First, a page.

A novel nanostructured-mesoporous-amorphous silica and calcium phosphate biomaterial for bone regeneration applications

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ICE Krakow

ICE Krakow

ul. Marii Konopnickiej 17 30-302 Kraków


Oliveros Anerillas, Luis ( Integrative Medical Biology )


Autologous bone transplantation is the gold standard for reconstruction of large bone defects in the fields of orthopedics and odontology. However, limitations such as the grafting mass needed, its availability, and donor site morbidity has led to the search for osteo-inductive biomaterials that possess similar composition and structure to the main inorganic component of bone tissue. In our study, we utilized a bone marrow-derived mesenchymal stem cell (BMSCs) model in 3D to evaluate the osteogenic potential of a novel nanostructured-mesoporous-amorphous biomaterial candidate.

Initial toxicological tests of the novel biomaterial were performed by Live/Dead cell viability assay at various concentrations of the biomaterial.
BMSCs from four healthy donors were mixed with collagen I to achieve 3D structures. These constructs were cultured for 3-5 weeks with or without osteogenic differentiation medium. The groups with no addition of biomaterials were set as negative controls. As positive control, the same setup was used with the addition of hydroxyapatite/β-tricalcium phosphate (HA/βTCP). Finally, our test group contained the novel biomaterial candidate instead.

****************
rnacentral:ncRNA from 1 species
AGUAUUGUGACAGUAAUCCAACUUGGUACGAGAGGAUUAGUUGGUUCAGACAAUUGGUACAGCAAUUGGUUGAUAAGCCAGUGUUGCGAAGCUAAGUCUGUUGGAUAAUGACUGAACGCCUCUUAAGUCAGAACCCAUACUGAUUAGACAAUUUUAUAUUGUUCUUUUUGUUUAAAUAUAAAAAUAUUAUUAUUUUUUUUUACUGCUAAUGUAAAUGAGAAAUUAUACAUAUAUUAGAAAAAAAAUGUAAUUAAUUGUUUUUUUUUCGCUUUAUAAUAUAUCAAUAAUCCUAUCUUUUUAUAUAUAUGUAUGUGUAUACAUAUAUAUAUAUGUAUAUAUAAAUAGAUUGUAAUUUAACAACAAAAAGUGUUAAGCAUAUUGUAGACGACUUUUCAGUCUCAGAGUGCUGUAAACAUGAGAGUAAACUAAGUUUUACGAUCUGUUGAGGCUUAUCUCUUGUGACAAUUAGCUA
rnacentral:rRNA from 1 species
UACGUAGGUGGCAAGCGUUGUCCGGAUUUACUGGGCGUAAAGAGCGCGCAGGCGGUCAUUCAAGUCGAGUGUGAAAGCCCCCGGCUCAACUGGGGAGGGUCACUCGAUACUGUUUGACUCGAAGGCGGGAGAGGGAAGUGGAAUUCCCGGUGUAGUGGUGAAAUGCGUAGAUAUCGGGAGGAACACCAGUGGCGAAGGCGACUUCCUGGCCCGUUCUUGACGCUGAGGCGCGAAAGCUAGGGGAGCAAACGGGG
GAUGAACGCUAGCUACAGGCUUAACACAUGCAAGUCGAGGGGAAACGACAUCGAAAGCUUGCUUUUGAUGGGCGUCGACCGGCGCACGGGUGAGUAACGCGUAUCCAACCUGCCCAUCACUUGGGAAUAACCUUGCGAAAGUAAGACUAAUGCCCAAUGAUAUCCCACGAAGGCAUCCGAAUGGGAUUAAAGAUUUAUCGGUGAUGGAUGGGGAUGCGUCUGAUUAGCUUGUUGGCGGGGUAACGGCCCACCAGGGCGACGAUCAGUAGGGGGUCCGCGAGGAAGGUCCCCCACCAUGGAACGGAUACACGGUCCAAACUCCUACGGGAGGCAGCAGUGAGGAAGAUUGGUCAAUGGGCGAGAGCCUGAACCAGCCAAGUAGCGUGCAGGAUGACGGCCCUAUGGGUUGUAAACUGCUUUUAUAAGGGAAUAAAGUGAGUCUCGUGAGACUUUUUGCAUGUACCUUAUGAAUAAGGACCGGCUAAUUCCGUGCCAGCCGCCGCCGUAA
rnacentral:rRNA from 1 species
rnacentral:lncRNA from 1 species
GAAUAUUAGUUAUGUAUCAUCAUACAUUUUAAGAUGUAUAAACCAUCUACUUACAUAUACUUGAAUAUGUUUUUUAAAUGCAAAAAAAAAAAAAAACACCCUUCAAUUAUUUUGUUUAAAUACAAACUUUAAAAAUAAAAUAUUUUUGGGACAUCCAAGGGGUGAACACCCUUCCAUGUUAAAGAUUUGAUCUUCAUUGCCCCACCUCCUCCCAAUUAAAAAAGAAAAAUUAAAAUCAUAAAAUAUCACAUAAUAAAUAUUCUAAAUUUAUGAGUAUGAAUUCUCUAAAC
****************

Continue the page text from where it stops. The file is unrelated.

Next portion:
Osteogenic specific staining (Alizarin red, Von Kossa, Osteoimage®) were used to detect the evidence of mineralization. Osteogenic specific gene expression was analysed by qRT-PCR. In addition, 748 genes involved in various metabolic pathways were quantified by using a single molecule detection system based on fluorescent barcode-hybridization (nCounter®, NanoString).

In this study we introduced an amorphous silica, SiO2, as an additional constituent to calcium phosphate material, thus obtaining a predominantly amorphous material with the composition of CaO-SiO2-P2O5.This material is nanostructured and mesoporous with an average pore size of 13 nm. Toxicology tests proved that the biomaterial is not toxic for BMSCs in concentrations below 10 mg/ml. Histological staining showed clear ossification of gels containing the novel biomaterial even in absence of differentiation medium. The calcification was also more homogeneous compared with the positive control: HA/βTCP. However, qRT-PCR data suggested higher levels of osteogenic related genes in the HA/βTCP group compared with the test group. Multivariate analysis of the 748 metabolic-related genes with nSolver software showed that the novel biomaterial in absence of differentiation medium induced different metabolic pathways compared to the pathways induced by HA/βTCP. No significant difference in gene expression was observed when the groups had been cultured in presence of differentiation medium. Taken together, our results indicate that the novel biomaterial tested in this study, on its own, can induce osteogenesis in BMSCs.

This study shows evidence that this novel nanostructured-mesoporous-amorphous biomaterial has a high potential as a candidate for bone regeneration applications due to its good osteo-inductive capabilities.


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